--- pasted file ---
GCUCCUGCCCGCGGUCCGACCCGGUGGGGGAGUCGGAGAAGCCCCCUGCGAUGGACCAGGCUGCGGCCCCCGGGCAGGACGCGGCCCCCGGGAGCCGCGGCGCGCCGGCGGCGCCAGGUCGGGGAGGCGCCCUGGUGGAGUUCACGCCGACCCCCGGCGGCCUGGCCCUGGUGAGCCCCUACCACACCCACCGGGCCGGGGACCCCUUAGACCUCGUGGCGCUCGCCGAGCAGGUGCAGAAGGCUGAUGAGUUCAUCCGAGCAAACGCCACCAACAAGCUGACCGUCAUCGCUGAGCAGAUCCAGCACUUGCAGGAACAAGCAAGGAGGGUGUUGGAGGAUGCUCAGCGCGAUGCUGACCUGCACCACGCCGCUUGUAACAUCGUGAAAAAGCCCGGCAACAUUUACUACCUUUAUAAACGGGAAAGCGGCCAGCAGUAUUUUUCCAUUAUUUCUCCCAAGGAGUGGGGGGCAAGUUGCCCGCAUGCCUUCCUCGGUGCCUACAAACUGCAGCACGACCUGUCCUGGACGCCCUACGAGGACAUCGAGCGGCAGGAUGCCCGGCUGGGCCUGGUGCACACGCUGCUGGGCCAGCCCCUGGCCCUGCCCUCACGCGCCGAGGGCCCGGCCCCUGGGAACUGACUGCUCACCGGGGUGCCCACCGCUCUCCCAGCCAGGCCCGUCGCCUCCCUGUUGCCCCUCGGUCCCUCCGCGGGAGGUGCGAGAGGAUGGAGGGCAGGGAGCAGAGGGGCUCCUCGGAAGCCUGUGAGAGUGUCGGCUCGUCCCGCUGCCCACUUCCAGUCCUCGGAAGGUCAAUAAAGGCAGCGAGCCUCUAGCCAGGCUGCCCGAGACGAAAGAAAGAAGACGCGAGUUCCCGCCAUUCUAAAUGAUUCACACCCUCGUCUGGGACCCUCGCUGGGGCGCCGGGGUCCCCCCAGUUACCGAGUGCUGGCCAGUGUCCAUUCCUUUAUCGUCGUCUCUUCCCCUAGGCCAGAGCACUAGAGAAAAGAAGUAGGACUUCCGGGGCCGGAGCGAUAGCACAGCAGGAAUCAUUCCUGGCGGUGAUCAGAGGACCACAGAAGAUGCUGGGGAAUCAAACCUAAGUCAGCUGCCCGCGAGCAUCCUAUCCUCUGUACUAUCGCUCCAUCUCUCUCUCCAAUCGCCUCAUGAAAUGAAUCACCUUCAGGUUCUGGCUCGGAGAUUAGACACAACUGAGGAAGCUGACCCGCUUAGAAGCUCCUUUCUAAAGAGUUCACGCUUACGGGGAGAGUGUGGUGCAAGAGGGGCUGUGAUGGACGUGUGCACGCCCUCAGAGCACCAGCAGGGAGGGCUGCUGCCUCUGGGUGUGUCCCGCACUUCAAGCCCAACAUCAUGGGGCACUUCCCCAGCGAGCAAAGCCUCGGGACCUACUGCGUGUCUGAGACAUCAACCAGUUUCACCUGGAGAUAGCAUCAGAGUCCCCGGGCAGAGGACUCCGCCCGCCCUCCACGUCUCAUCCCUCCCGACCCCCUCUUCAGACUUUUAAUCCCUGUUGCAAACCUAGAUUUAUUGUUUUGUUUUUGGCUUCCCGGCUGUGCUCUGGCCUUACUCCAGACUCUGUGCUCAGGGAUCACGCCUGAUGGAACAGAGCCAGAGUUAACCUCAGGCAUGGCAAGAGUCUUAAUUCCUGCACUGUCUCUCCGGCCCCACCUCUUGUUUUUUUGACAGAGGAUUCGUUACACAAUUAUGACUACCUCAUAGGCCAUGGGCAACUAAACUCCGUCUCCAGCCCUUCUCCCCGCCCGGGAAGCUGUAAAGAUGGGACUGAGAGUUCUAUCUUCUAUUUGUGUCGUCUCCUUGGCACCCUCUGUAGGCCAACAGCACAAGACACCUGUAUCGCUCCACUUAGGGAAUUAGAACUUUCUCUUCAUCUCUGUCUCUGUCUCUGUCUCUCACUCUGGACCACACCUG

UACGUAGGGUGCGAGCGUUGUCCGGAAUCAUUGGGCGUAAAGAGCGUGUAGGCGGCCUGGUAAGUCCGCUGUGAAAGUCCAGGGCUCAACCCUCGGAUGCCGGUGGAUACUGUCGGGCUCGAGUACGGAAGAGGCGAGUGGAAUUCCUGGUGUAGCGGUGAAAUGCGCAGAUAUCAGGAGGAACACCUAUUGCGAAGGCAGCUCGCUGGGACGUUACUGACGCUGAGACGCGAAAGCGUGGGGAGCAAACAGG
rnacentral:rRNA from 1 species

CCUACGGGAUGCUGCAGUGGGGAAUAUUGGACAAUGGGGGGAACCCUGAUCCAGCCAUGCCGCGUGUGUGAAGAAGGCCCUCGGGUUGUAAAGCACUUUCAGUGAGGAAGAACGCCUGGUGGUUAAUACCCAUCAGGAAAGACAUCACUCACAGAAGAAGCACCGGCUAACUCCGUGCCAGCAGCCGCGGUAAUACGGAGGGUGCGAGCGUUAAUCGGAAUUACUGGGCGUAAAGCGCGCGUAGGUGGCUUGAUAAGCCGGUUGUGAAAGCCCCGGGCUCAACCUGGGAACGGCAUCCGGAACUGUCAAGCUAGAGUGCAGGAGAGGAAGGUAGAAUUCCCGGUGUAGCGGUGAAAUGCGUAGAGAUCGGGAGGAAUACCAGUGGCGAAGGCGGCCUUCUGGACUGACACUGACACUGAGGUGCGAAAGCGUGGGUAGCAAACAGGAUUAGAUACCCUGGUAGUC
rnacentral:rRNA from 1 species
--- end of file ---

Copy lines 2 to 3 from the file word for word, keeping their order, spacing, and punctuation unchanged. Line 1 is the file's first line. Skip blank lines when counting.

UACGUAGGGUGCGAGCGUUGUCCGGAAUCAUUGGGCGUAAAGAGCGUGUAGGCGGCCUGGUAAGUCCGCUGUGAAAGUCCAGGGCUCAACCCUCGGAUGCCGGUGGAUACUGUCGGGCUCGAGUACGGAAGAGGCGAGUGGAAUUCCUGGUGUAGCGGUGAAAUGCGCAGAUAUCAGGAGGAACACCUAUUGCGAAGGCAGCUCGCUGGGACGUUACUGACGCUGAGACGCGAAAGCGUGGGGAGCAAACAGG
rnacentral:rRNA from 1 species